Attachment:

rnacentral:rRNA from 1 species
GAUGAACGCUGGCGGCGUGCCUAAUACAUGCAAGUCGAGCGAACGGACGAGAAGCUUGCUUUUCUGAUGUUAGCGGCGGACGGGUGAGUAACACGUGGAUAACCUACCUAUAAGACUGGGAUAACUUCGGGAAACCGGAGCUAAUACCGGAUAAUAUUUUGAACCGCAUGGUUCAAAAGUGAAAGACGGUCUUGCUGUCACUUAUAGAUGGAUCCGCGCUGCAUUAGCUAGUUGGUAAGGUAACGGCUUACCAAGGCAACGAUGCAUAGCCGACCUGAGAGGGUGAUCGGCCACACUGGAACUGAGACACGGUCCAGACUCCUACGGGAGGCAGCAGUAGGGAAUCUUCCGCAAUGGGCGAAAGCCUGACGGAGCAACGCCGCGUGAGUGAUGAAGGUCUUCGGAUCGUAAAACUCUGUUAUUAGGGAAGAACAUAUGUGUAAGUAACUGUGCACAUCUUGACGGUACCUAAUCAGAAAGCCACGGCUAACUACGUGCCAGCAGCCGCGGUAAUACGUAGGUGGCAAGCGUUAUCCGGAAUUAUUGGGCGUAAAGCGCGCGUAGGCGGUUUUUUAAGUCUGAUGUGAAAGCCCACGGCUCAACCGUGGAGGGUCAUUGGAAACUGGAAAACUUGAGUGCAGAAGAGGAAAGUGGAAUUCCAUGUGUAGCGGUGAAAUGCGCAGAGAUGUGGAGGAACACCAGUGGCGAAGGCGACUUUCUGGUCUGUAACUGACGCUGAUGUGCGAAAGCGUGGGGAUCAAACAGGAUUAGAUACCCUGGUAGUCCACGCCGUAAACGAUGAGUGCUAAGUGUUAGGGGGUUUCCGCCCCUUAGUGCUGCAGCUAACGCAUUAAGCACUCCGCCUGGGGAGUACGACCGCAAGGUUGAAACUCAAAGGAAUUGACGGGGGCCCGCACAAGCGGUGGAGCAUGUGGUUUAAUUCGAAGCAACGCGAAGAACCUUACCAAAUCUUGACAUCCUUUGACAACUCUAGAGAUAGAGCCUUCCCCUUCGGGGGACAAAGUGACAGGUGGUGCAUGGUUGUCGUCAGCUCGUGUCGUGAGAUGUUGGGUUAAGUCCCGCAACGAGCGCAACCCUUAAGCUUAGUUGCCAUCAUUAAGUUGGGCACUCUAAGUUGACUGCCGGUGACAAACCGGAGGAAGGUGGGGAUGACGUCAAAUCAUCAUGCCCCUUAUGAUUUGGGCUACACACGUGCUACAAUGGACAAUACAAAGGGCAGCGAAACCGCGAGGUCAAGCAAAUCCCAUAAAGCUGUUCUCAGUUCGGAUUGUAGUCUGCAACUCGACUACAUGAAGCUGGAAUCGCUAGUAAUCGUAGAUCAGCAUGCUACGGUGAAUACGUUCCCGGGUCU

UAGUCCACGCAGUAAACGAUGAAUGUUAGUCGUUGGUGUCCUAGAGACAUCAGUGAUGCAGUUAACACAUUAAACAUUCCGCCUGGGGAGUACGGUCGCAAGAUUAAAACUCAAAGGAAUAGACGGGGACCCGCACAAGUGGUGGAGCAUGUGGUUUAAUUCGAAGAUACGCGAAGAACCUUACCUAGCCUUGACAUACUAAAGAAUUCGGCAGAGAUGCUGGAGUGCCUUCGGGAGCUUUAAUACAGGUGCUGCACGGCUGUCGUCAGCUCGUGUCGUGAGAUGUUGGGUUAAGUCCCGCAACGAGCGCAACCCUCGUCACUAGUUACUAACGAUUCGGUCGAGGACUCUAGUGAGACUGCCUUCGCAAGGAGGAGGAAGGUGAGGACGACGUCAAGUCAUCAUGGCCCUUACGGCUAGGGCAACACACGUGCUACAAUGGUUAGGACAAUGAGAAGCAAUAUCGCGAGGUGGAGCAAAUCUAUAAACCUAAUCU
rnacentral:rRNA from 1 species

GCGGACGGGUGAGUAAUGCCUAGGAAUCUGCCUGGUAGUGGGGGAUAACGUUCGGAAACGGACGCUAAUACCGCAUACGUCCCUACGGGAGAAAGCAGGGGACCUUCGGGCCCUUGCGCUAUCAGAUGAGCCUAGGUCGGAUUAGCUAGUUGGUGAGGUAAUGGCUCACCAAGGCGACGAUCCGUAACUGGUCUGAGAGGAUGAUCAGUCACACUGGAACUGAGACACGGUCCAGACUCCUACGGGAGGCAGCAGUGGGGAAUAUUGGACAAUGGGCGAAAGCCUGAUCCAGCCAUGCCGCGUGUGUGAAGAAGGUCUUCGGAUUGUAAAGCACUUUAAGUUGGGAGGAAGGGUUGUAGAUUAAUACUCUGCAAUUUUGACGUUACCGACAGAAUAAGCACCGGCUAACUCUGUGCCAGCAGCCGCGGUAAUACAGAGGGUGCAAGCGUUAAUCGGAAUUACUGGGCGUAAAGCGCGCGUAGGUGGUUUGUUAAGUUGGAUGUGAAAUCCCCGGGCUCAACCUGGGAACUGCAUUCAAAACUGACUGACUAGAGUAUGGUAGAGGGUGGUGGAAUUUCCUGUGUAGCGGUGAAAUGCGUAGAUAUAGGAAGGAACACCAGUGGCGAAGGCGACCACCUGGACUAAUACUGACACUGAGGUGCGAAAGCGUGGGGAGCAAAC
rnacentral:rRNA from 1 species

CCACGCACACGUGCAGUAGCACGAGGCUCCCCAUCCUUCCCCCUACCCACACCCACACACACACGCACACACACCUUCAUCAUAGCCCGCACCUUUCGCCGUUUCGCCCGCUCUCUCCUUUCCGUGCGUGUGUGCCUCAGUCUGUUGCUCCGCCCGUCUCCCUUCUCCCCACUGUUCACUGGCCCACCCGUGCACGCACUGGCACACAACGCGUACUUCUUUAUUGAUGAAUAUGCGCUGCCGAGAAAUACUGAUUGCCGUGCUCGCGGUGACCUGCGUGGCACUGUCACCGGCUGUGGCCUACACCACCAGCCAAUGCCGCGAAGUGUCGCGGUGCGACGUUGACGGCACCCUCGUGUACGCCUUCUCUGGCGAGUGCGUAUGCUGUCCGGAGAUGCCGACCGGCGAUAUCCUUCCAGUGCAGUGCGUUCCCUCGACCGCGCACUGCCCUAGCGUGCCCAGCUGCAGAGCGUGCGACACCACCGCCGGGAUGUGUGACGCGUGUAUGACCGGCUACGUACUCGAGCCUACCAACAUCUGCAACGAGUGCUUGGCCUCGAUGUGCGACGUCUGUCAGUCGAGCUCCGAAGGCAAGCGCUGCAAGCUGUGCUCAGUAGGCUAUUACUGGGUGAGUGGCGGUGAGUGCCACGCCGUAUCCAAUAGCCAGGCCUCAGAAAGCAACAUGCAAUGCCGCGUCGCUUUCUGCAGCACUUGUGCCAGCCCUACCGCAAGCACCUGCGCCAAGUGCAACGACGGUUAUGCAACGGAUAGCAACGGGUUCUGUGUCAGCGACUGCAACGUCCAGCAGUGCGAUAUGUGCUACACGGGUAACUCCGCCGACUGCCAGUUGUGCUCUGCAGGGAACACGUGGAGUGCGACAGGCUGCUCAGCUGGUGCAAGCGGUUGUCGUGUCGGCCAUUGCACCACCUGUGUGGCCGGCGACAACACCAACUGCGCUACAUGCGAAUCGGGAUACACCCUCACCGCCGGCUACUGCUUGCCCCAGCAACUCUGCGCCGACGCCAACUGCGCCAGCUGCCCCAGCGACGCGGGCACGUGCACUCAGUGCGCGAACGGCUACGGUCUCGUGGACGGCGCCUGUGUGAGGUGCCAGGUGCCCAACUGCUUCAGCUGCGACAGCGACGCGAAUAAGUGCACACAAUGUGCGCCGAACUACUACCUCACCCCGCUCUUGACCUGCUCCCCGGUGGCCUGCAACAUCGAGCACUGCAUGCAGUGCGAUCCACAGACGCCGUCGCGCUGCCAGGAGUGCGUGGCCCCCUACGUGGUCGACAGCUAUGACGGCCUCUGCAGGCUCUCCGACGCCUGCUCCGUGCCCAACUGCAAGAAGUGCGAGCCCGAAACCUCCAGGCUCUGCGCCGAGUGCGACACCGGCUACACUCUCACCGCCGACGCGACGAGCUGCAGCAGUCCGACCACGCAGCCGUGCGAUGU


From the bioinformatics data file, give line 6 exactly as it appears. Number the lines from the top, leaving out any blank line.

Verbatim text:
rnacentral:rRNA from 1 species